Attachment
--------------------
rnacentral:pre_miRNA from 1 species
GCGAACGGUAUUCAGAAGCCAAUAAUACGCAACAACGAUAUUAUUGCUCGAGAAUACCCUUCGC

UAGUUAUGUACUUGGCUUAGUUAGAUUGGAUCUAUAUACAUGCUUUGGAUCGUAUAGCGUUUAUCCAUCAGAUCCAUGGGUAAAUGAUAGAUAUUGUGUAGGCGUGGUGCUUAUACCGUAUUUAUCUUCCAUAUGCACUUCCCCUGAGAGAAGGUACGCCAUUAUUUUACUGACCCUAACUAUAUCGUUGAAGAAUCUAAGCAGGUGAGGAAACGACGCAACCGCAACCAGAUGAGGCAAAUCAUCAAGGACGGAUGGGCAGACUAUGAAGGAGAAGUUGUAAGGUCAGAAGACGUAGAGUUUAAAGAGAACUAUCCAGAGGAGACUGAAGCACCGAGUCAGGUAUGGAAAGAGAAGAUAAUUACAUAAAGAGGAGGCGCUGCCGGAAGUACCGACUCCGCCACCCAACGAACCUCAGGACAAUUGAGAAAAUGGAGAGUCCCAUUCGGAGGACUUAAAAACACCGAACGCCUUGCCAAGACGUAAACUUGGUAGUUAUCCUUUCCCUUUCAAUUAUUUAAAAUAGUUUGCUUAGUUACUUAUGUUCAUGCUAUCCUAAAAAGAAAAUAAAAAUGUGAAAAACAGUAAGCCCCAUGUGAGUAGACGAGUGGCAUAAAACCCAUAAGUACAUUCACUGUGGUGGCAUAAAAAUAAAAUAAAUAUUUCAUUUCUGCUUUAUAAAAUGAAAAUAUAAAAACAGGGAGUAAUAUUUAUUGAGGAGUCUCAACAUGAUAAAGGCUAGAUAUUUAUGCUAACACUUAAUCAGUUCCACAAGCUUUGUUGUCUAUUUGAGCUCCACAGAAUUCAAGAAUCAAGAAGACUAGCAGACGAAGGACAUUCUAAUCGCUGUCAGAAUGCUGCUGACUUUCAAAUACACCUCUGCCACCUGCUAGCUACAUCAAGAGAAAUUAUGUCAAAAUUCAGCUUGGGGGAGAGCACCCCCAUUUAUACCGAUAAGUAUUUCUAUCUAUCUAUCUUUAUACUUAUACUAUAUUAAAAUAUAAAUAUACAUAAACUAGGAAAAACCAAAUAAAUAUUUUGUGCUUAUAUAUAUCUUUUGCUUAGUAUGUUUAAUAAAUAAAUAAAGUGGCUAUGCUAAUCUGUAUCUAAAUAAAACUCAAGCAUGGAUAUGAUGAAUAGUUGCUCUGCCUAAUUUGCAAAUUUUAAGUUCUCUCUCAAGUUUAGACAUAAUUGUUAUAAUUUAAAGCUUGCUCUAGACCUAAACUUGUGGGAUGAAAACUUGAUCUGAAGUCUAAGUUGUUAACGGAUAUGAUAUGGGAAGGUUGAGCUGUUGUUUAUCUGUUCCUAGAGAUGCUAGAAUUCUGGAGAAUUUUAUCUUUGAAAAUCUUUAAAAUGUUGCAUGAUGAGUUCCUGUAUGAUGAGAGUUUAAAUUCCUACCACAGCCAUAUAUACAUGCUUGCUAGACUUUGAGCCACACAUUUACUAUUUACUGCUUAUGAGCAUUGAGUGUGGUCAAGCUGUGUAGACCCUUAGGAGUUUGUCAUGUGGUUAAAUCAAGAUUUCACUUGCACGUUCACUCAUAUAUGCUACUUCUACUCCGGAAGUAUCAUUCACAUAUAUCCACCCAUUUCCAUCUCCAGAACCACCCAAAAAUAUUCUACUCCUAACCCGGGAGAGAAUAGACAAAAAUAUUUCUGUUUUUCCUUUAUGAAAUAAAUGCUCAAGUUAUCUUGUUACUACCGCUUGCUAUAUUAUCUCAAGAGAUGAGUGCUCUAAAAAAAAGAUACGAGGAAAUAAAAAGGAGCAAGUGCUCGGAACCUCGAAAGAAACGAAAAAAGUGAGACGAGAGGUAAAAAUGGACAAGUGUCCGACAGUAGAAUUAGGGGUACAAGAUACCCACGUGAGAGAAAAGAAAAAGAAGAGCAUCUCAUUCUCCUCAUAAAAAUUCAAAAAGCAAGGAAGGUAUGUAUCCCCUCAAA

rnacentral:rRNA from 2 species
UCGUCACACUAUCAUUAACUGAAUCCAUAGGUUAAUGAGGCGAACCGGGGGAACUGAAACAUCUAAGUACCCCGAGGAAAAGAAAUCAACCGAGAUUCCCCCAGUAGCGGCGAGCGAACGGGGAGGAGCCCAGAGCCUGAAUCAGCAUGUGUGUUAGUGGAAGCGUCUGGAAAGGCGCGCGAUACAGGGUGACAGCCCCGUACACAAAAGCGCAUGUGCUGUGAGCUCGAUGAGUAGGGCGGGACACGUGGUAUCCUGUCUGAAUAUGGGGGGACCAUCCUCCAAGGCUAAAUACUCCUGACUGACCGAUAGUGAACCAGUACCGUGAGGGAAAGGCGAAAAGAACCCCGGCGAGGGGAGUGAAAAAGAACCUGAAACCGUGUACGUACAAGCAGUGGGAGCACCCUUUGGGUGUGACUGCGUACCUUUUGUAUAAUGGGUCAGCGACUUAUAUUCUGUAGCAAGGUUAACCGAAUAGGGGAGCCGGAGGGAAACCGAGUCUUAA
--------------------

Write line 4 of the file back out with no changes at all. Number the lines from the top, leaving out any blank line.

rnacentral:rRNA from 2 species